LP Local Melissa Alvarado Sierra was born and raised in Puerto Rico. After traveling to different countries, mostly aboard a sailboat, she decided to settle in Borinquen and write about its wonders. Now you can find her driving through dirt roads that lead to hidden swathes of sand in Vieques, eating alcapurrias in a beach shack in Loíza, or hiking the impossibly lush El Yunque rainforest in Rio Grande.
She likes to carry a moleskin notebook with her while she explores and tends to stop abruptly to record her impressions. Those walking behind her usually bump into her – it’s a good conversation starter.
When I have friends in town… we go sailing in the San Juan Bay. This unique vantage point highlights the colonial buildings of the old city, the people roaming the streets and the almost 500-year-old fort. Seeing everything from the water gives a wonderful sense of place and helps people enjoy the town even more when they discover it on foot. These sailing trips are easy to come by – several touring companies, like Sail San Juan Bay, offer excursions into the waters surrounding the city. I also like to take friends on a food tour of my own design in Old San Juan, always stopping at Casa Cortés for hot chocolate with rum, at Princesa Gastro Bar for shark bites and coconut rice, and at Pirilo for ground beef and plantain pizza.
When I’m up for a big night out… we head to Calle Loíza and drink our way through all the cool and quirky bars in this area, like Bar Bero, where you can get a drink and a haircut, or La Junta, where you can dance salsa gorda all night long. Bonus: this popular street is also home to some of the best eateries in San Juan. When hunger strikes, we usually stop at Loiza 2050 for coconut crusted pizza or at Tresbé for some killer veggie sliders.
A typical weekend involves… getting mayorcas and a cup of café con leche in the morning at La Bombonera on San Francisco street, walking to Caleta de Las Monjas to watch the ships come into the bay, and later grabbing ice cream at Señor Paleta. Afternoons are usually spent drinking wine and listening to jazz at Carli’s Fine Bistro on Tetuán street, the restaurant of former Beach Boys pianist Carli Muñoz.
I have a dog… and I take him to Ocean Park beach to play with other pups in the sand, or we run from Old San Juan to Condado via the new oceanfront pathway for pedestrians. For pet-friendly restaurants, we go to Kamoli in Calle Loíza, the Miramar Food Truck Park in Miramar, or Freshmart in Condado.
For cheap eats… I go to Piñones in Loíza, an area with dozens of food kiosks and restaurants serving delicious fried food and seafood by the ocean. I usually grab a bite and then walk by the beach for a little while; it’s a great way to disconnect from the city’s hullabaloo. Another favorite of mine is La Casita Blanca in Santurce, where they whip up truly authentic Puerto Rican food in an atmospheric space at very affordable prices.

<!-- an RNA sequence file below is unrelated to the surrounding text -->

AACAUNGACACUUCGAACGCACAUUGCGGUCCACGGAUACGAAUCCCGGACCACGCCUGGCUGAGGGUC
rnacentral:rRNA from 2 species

One thing I hate about San Juan is… the driving, which can get a little difficult because of heavy traffic during late afternoons.
For my 30th birthday I celebrated at… a beach in Condado. We had a late night picnic by the ocean, sang birthday tunes, and laid back to watch and count the stars. Nothing fancy, but definitely unforgettable.
When I want to go out alone, I visit… museums. San Juan has many amazing museums focused on different themes, from contemporary arts to maritime history, and all are quite accessible and affordable. I also love going to Fine Arts Cinema and ordering a glass of pinot grigio to drink while I watch a foreign or independent film – to me it’s one of the most luxurious and self-loving things to do in San Juan, besides doing paddle yoga and meditation in the Condado lagoon, of course.
When I want to get out of the city… I go to the west side of the island. My siblings live close to Rincón, and I love staying with them and hitting the beach. It's a surfer’s paradise, but also a great place to unwind. The food truck frenzy made its way into Rincón and now there are many healthy options available, and the spirit scene is similarly alive and well. A little wine bar called Tinto, run by sommelier Nassine Campos, carries a wonderful array of wines – I especially love their Portuguese reds. If you're more of a beer lover, head to Rincón Beer Company, where you can play Connect Four with your friends while sipping on hand-crafted brews, including their delicious mango beer.
I know I’m a San Juanera because… I enjoy every corner of this wonderful city, be it the posh side of Condado or the up-and-coming sector of Santurce. I believe in the youths who are stepping up to the plate by starting their own businesses and offering quality products and services that are making San Juan one of the most exciting cities to visit in the world. It’s a great time to be in San Juan!
Need more city travel inspiration? Check out The Cities Book, a celebration of 200 of the world’s great cities, beautifully photographed and packed with trip advice and recommendations.